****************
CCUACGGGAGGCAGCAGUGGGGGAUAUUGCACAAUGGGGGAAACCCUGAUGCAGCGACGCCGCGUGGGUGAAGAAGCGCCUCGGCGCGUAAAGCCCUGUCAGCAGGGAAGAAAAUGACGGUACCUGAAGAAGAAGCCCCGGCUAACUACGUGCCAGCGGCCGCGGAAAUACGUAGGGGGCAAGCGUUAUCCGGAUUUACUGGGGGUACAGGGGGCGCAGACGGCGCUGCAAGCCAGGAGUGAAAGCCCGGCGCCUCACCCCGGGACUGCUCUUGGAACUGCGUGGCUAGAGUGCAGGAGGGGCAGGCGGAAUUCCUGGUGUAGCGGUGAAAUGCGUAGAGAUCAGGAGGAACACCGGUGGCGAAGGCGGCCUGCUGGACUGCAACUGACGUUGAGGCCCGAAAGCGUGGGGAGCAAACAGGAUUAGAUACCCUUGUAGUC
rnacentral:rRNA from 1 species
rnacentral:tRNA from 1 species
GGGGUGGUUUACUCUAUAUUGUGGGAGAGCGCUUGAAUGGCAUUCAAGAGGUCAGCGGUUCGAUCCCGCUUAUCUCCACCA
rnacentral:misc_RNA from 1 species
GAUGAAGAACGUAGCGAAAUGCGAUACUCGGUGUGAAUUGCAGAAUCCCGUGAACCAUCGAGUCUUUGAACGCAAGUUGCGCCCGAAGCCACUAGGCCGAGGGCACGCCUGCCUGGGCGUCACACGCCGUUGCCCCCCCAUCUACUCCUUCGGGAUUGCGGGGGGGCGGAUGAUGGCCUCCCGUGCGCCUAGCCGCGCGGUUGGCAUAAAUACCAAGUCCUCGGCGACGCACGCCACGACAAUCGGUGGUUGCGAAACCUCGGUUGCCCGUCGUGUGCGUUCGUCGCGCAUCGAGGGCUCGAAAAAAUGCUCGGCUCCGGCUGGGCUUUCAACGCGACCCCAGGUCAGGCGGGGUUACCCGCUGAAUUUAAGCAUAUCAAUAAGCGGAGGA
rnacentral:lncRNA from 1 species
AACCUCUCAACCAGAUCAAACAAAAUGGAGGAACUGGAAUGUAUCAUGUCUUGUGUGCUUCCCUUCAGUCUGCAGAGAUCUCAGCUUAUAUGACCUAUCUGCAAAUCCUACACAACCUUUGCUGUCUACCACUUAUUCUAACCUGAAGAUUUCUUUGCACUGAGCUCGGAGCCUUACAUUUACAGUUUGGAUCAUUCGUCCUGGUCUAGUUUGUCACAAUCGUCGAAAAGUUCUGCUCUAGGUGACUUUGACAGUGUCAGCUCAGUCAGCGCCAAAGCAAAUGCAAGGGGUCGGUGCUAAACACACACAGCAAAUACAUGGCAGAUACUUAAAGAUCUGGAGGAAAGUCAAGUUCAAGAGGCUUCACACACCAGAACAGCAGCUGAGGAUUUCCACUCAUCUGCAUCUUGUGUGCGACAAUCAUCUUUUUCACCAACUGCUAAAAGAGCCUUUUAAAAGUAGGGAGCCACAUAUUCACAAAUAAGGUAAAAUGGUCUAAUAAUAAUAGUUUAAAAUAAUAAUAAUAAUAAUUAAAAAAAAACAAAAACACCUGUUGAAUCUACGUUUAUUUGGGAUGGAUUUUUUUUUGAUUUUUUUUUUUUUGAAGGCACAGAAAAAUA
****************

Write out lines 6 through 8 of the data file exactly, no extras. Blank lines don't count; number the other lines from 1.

GAUGAAGAACGUAGCGAAAUGCGAUACUCGGUGUGAAUUGCAGAAUCCCGUGAACCAUCGAGUCUUUGAACGCAAGUUGCGCCCGAAGCCACUAGGCCGAGGGCACGCCUGCCUGGGCGUCACACGCCGUUGCCCCCCCAUCUACUCCUUCGGGAUUGCGGGGGGGCGGAUGAUGGCCUCCCGUGCGCCUAGCCGCGCGGUUGGCAUAAAUACCAAGUCCUCGGCGACGCACGCCACGACAAUCGGUGGUUGCGAAACCUCGGUUGCCCGUCGUGUGCGUUCGUCGCGCAUCGAGGGCUCGAAAAAAUGCUCGGCUCCGGCUGGGCUUUCAACGCGACCCCAGGUCAGGCGGGGUUACCCGCUGAAUUUAAGCAUAUCAAUAAGCGGAGGA
rnacentral:lncRNA from 1 species
AACCUCUCAACCAGAUCAAACAAAAUGGAGGAACUGGAAUGUAUCAUGUCUUGUGUGCUUCCCUUCAGUCUGCAGAGAUCUCAGCUUAUAUGACCUAUCUGCAAAUCCUACACAACCUUUGCUGUCUACCACUUAUUCUAACCUGAAGAUUUCUUUGCACUGAGCUCGGAGCCUUACAUUUACAGUUUGGAUCAUUCGUCCUGGUCUAGUUUGUCACAAUCGUCGAAAAGUUCUGCUCUAGGUGACUUUGACAGUGUCAGCUCAGUCAGCGCCAAAGCAAAUGCAAGGGGUCGGUGCUAAACACACACAGCAAAUACAUGGCAGAUACUUAAAGAUCUGGAGGAAAGUCAAGUUCAAGAGGCUUCACACACCAGAACAGCAGCUGAGGAUUUCCACUCAUCUGCAUCUUGUGUGCGACAAUCAUCUUUUUCACCAACUGCUAAAAGAGCCUUUUAAAAGUAGGGAGCCACAUAUUCACAAAUAAGGUAAAAUGGUCUAAUAAUAAUAGUUUAAAAUAAUAAUAAUAAUAAUUAAAAAAAAACAAAAACACCUGUUGAAUCUACGUUUAUUUGGGAUGGAUUUUUUUUUGAUUUUUUUUUUUUUGAAGGCACAGAAAAAUA